Daughter of James Mooney

Killed in a truck crash 9/20/83


Jackie Novak

Edneyville, NC

Volunteer, Truck Safety Coalition

Mother of Charles “Chuck” Novak

Killed in a truck crash 10/24/10



Omnibus-HOS Letter to Secretary Foxx-Nov 2016

Letter to Secretary Foxx from Rick Watts

The Honorable Anthony Foxx


U.S. Department of Transportation

1200 New Jersey Ave., S.E.

Washington, D.C. 20590


Dear Secretary Foxx:

Today, I sat through the National Transportation Safety Board (NTSB) meeting as they determined the probable cause of and adopted a report on the truck crash that killed my wife, Tiffany, my mother-in-law, Sandra Anderson, and my step-daughters, Kelsie and Savannah.  As I listened to the NTSB staff present the report findings, my sorrow, anger and frustration grew at the painful reminder of how avoidable this crash was and how little your Department is doing to promote policies and adopt regulations that could have prevented it. The lack of urgency, the delays in issuing regulations and the inadequate oversight of the motor carrier industry are just a few of the major problems plaguing the Department.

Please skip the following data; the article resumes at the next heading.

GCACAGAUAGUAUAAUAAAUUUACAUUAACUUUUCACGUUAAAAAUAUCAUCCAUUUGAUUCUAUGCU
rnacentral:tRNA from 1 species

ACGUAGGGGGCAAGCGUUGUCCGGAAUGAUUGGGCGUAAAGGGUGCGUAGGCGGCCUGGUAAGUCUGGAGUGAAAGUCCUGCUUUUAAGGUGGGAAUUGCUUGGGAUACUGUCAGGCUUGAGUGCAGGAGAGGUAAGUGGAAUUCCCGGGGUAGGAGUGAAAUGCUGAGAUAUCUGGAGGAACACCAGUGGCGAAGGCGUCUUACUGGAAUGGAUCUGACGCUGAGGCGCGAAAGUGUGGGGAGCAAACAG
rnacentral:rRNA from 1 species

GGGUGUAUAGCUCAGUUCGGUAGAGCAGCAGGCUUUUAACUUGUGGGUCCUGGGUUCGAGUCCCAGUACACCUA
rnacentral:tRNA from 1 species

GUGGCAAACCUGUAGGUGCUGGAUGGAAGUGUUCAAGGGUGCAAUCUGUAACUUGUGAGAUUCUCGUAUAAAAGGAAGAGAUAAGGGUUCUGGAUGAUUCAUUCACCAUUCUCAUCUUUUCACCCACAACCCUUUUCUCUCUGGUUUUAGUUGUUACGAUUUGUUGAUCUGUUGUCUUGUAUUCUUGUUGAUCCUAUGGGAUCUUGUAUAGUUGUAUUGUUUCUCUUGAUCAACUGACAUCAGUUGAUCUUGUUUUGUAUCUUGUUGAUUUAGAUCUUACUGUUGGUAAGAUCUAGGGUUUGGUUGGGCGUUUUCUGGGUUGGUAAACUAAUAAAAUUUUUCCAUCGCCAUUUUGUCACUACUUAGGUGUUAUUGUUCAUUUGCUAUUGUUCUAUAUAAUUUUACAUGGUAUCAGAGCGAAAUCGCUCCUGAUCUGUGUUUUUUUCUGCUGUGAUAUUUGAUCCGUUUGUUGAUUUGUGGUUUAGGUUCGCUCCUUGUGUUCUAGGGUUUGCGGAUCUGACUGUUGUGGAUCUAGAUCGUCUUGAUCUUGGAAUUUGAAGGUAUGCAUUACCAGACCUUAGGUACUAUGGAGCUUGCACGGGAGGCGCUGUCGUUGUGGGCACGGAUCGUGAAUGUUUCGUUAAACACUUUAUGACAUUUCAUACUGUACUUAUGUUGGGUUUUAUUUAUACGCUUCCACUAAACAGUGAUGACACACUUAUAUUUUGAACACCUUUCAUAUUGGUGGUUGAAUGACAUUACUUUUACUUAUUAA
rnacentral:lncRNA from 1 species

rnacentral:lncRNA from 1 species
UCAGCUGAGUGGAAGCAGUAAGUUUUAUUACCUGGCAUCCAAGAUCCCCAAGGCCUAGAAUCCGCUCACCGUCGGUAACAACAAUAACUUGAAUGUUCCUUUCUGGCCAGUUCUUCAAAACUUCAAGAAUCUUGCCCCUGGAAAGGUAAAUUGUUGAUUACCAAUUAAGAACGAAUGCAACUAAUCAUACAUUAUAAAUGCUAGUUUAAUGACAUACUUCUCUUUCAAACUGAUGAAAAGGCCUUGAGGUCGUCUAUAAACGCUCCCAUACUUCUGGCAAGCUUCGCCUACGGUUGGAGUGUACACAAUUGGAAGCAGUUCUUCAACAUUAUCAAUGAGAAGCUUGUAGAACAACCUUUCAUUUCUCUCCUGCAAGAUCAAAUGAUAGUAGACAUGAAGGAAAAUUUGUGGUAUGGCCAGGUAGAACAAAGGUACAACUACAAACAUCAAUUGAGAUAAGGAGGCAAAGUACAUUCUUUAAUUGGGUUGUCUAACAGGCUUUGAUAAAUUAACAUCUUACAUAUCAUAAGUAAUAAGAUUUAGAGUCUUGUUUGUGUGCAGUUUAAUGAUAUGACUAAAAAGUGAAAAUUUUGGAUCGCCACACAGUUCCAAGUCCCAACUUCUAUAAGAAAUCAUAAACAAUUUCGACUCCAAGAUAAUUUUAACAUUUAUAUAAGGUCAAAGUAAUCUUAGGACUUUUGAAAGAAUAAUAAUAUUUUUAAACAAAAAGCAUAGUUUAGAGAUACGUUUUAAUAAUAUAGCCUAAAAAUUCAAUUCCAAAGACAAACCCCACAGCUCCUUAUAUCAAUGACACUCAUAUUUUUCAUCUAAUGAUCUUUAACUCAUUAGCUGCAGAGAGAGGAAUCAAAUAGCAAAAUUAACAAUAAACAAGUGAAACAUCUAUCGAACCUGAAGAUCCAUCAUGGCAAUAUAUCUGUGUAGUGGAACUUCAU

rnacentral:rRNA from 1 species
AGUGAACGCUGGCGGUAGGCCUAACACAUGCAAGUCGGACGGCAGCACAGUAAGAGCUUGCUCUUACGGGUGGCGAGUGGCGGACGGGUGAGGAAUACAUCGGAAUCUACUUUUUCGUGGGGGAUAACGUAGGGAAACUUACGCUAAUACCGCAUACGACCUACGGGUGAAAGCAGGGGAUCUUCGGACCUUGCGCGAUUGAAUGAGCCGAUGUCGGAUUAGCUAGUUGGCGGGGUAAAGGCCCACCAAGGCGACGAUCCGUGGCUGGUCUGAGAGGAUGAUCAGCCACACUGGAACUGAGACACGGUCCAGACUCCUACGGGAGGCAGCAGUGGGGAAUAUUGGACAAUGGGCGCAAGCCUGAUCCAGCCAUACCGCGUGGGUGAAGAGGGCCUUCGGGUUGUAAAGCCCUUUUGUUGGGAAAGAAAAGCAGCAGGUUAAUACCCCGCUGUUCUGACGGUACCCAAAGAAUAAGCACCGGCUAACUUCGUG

My family was killed in a work zone truck crash near Chattanooga in June 2015. At the meeting today, the NTSB determined that there were no mechanical issues with any of the nine vehicles involved, weather was not a contributing factor, and there were ample visual cues to alert the truck driver of the impending work zone and traffic. Unfortunately, the truck driver far exceeded the legal limit on hours of service (HOS) leading up to the crash, was under the influence of narcotics, and was speeding – traveling approximately 80 mph which was well above the posted limit of 55 mph. These factors greatly diminished his ability to operate safely and, ultimately, resulted in his truck hitting seven vehicles and traveling 453 feet from the initial impact area to its final rest position.  Six people were killed and four more were injured.  Worse yet, all of these factors were completely preventable with known and proven solutions, many of which have been previously recommended by the NTSB.